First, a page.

The current global public health crisis is creating huge challenges for higher education. Colleges and universities across the globe are closing on-campus activities. Classes–and day-to-day business–are moving online. Higher education institutions are scrambling to deal with the day-to-day operational issues of the crisis, and these are, no doubt, huge. In a conversation last week, a higher ed official in the Western United States revealed that his school had modeled being able to support 100,000 simultaneous Zoom connections as a part of their move to 100% online education. One of us recently attended a Zoom board meeting for a European university. This school is dealing with the expectation of a shelter-in-place order in the near future. Since the university has hundreds of students who could not be sent home (they are 95% international and a significant proportion of their student body is from China), this is straining their housing and foodservice operations. Shelter-in-place may not be realistic in the case of a tiny dorm room that can barely accommodate two students. As a result, they are looking for apartments to rent to deal with these demands. Across the globe, faculty who have never before taught online are having to move their courses to a fully online environment in a matter of weeks, or even days. Schools are buying laptops, developing training programs to assist faculty members to transition their courses into online formats, and even sending IT technicians to homes to optimize WIFI systems for online teaching. The challenges are gigantic, but individuals and institutions seem to be rising to the occasion.
What Does the Future Hold?
As challenging as these immediate issues are, the future likely holds even larger challenges. A recent paper from the UK modeling the spread of the virus concluded that strategies such as the closing of schools will be necessary until a vaccine is available—perhaps 18 to 24 months. This crisis is not going to abate quickly for universities.
The mid-term (the next 18-24 months) will not mark the end of the challenges we will be facing. When we look back, we will likely say that the COVID-19 pandemic did more to change the face and nature of higher education than anything else in the past millennium. The move to a largely online environment has been extremely swift and it is not likely to be completely reversed. Students who are working professionals (i.e., many of our graduate students as well as some undergraduates), as well as millennials, have been saying that they prefer online education, but we have been slow to respond, often due to faculty resistance. There are many schools that have eschewed online strategies because they felt they did not fit the culture of their school. Faculty at these institutions are often starting from scratch in developing online strategies to finish out the spring semester. In the future, we will have no excuses for not offering our programs in a wide and varied pedagogical environment. We will need to get very good at it, to make the online and blended experiences as rich as a typical on-campus experience. And that is what will be demanded. How will this impact our need for physical facilities, for staff, for faculty? It will certainly impact the technology infrastructure each institution requires. But what will this all cost?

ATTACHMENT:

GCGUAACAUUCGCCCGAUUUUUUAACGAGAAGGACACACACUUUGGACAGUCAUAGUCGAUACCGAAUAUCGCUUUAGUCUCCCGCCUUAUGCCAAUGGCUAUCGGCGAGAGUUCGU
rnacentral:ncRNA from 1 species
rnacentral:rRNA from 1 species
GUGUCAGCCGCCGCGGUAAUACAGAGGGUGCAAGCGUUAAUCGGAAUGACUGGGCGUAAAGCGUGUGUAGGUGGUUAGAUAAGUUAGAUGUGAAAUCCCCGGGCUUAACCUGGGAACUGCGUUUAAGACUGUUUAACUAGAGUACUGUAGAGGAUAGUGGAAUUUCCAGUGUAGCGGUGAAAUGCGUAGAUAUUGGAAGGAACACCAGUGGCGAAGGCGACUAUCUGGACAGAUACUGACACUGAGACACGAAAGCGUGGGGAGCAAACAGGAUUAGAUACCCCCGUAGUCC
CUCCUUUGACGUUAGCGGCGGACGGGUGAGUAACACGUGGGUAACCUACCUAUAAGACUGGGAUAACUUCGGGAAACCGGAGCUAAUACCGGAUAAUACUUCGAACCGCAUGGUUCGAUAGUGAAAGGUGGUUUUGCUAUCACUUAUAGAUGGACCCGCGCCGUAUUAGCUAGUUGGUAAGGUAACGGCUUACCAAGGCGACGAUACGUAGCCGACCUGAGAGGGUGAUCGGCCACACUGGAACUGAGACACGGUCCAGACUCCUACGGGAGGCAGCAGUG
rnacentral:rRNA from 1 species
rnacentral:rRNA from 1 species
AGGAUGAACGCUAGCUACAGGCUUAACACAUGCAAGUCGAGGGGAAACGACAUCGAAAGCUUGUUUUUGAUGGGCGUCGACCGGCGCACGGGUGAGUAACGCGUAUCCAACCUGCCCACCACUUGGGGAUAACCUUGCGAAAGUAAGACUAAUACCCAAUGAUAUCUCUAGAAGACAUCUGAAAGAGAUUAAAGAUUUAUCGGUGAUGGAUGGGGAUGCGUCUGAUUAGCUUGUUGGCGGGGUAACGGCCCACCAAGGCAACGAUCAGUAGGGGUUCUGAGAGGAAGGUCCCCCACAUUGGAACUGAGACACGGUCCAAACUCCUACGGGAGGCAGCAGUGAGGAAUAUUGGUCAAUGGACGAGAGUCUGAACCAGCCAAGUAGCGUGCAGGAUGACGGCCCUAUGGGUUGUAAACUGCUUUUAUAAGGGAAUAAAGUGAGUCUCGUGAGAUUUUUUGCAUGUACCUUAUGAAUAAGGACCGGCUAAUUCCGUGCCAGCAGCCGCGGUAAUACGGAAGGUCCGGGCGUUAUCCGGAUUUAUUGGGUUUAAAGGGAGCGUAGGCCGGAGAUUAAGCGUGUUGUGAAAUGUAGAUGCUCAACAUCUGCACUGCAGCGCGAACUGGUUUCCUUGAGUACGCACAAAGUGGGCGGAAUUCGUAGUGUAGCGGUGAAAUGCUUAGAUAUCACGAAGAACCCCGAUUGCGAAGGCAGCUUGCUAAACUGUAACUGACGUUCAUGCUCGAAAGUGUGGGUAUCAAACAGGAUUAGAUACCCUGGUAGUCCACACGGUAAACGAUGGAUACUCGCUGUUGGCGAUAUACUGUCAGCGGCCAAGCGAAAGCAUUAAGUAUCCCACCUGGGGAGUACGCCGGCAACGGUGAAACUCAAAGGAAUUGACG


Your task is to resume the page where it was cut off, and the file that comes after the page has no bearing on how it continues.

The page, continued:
Moody’s Investors Service recently downgraded the outlook for higher education from stable to negative. Borrowing costs are going to rise, the value of investments has declined, and certain operating costs will rise dramatically (IT is a good example). These challenges will push schools that are currently at financial risk into insolvency. They will certainly tax the viability of all but the most heavily endowed institutions. The time to begin thinking about the radically changed future environment and to develop strategies to survive in it is now.
Planning for an Uncertain Future
How does a university go about planning in the face of such a dire situation and such monumental uncertainty? Uncertain times demand planning–they do not let us “off the hook.” Teams including senior administration and faculty leadership should be conducting exercises to simulate how they would respond to various scenarios, including the worst cases. These are the types of very real questions that can be addressed through simulations, and, through such simulations, effective responses can be developed. These teams need to be looking at the crisis from a systems perspective, understanding how changes in one area affect others, and searching to find the unintended consequences that are inevitable whenever dramatic changes are made. Data will be critical to effective planning and decision making. Schools need to make sure their IT and institutional research functions are staffed to provide decision-makers with this data.
Over the course of the next few weeks and months, we at Optimal Campus will continue to outline strategies for dealing with the mid-term and long-term implications of the Coronavirus crisis and our changing higher education environment. Watch this site for regular blogs about these strategies. Let us know what questions and challenges you have about the future either by leaving a comment below or by contacting our principal consultants directly.
Our next blog will focus on the nature of the higher education crisis:
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